There was a huge Internatioal Conference called Women Deliver, held once every three years, that was held in Kuala Lumpur Convention Centre. It attracted thousands of participants from all over the world including government leaders, policymakers and NGO representatives from organizations such as UN and WHO. Internationally renowned figures such as Melinda Gates, Chelsea Clinton and Queen Mary of Denmark gave speeches at the conference; and also eminent figures in the birth world, such as Debra Pascali-Bonaro, Robbie Davis-Floyd and Ibu Robin Lim.
The weekend just before the conference, BIB Malaysia hosted the 2nd International Birth Without Borders (BWB) Conference, in which Robbie Davis-Floyd (meidcal anthropologist) and Debra Pascali-Bonaro (Birth Activist, Doula and chair of the International MotherBaby Childbirth Organization) were the main speakers. These are two prominent figures in the birth world and I was SO excited and SO grateful to be able to meet with both of them.
I myself was invited to present at a Forum during the Birth Without Borders Conference, as a representative of the Gentle Birthing Group Malaysia, and to represent the collective voice of Malaysian mothers. Other panelists included Consultant ObGyn, Dr Noraini from Sunway Medical Centre and Consultant ObGyn, Dr Haliza from Hospital Kuala Lumpur. I felt honoured and grateful to be invited to present amongst eminent figures at such an important conference.
In my presentation I showed video clips of mothers from the Gentle Birthing Group (GBG) telling their birth stories in their own words. Their stories told of how they were ill-treated during their births or given inaccurate information or how they were pressured into accepting unnecessary interventions. As these were first-hand accounts of mothers' experiences in birth, it did a good jon in informing the audience that many mothers are unhappy about the way they are treated in Malaysian hospitals during their births.
I thought it must be a difficult message to see, if I were a nurse or doctor, but it certainly had to be done. At first, the audience was silent and I noted an air of defensiveness from the other panelists, but as soon as I and the other members of the Gentle Birthing Group, who were seated in the audience, made it clear that we want to work together with the Ministry of Health and actually be part of the solution, the tone of the discussions became much less defensive and more productive all round. The conclusion was that medical professionals cannot turn a deaf ear to what mothers have to say, and so all parties agreed that it is in mothers and babies' interests that all parties work together in the spirit of mutual understanding for the health and safety of mothers and babies.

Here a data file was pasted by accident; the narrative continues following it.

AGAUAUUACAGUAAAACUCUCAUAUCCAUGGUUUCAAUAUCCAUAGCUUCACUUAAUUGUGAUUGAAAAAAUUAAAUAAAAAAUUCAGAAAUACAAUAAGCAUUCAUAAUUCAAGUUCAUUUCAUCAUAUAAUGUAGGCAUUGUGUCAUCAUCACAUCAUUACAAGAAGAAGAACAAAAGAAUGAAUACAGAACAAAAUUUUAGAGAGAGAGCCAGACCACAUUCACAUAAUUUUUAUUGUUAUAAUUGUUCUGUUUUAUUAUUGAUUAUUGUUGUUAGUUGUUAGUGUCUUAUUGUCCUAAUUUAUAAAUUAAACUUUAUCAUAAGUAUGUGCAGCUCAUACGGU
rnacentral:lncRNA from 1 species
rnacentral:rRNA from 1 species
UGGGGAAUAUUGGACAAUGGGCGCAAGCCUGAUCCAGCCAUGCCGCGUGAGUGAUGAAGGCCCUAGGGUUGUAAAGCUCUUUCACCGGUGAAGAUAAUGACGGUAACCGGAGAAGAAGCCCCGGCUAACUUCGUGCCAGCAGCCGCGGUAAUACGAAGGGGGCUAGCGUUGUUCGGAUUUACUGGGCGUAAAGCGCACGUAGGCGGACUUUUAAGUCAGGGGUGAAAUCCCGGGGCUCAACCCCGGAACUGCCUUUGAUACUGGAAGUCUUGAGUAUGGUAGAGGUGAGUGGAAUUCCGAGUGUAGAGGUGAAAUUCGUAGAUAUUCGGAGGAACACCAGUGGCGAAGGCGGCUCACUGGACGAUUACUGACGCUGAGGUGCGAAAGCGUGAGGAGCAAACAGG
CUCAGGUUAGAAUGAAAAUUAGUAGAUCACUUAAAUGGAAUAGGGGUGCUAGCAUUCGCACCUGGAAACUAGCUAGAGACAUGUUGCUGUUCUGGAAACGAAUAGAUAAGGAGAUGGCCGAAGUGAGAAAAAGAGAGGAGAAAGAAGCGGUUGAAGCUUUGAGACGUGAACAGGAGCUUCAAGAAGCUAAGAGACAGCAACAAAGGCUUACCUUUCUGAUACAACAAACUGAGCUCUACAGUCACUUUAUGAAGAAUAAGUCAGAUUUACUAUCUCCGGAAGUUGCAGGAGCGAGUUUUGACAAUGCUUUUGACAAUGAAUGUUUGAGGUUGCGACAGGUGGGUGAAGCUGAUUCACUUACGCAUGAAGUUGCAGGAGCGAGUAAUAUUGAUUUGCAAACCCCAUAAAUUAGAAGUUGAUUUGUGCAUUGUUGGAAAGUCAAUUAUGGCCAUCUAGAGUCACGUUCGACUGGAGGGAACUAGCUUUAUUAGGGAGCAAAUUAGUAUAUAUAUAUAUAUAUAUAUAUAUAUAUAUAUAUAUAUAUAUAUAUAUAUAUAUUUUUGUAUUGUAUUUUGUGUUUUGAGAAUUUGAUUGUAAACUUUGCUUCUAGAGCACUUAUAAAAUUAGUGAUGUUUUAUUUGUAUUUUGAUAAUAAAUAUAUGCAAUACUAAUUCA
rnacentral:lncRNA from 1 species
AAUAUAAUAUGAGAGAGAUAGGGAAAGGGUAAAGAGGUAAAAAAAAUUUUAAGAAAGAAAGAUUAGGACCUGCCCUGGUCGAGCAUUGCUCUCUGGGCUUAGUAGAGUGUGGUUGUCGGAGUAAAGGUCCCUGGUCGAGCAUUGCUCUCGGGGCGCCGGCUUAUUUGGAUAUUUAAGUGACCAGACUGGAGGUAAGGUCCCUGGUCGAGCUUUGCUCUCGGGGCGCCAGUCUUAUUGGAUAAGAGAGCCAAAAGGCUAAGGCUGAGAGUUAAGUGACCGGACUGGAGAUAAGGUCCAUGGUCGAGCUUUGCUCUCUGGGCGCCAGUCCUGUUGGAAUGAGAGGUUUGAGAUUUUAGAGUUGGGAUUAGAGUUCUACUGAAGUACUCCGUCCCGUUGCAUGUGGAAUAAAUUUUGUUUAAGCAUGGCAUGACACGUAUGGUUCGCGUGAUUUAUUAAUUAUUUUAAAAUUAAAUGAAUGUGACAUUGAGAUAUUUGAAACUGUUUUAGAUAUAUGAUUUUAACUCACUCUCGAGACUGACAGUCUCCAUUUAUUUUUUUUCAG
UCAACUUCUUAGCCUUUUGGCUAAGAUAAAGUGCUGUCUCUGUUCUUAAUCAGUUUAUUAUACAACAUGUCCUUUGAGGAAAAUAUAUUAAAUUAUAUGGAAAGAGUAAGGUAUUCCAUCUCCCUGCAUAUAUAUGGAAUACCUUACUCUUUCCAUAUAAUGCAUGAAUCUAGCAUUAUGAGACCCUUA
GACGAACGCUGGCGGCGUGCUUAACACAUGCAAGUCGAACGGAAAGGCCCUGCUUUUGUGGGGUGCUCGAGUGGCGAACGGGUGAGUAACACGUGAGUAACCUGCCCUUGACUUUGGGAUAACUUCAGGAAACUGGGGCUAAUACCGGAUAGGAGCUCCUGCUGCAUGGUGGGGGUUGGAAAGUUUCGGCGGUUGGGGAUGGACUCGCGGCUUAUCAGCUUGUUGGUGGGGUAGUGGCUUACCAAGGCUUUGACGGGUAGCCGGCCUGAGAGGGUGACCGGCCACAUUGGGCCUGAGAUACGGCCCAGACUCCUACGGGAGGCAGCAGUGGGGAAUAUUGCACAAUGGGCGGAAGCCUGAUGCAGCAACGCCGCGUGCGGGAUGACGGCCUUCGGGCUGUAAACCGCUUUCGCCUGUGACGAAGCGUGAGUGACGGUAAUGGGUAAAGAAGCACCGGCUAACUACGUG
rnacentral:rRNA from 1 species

The whole Conference was charged with oxytocin, as the main speakers, Debra Pascali-Bonaro and Robbie Davis-Floyd, told it like it is to an audience full of medical professionals – how routine hospital procedures (much of which are still parcticed in Malaysian hospitals) impede the chances of the mother to experience a natural birth by a great amount; how many of them are actually NOT based on scientific evidence; how many other motives drive Obstetricians – including legal issues, conveniene and money. Each of the speakers brought to the conference their own strengths - Debra focused on the International MotherBaby Childbirth Initiative and the importance of doulas at birth, while Robbie Davis-Floyd talked from an anthropological perspective about childbirth and why we have gotten to the point we're at today. I found her talk about the difference between Technocratic, Humanistic and Holistic models of birth simply fascinating! And when she talked about power issues in birth and the centuries-old power struggle between man (Obstetrician) and woman (midwife and mother), the whole room (well, mostly the birth activists) gave her a standing ovation! Obstetrical medicine is a very recent phenomenon. Only in the past few hundred years, have men encroached upon the domain of childbirth, a historically female event – where females attended births and provided emotional support (midwives and doulas) to the mother. Fascinating!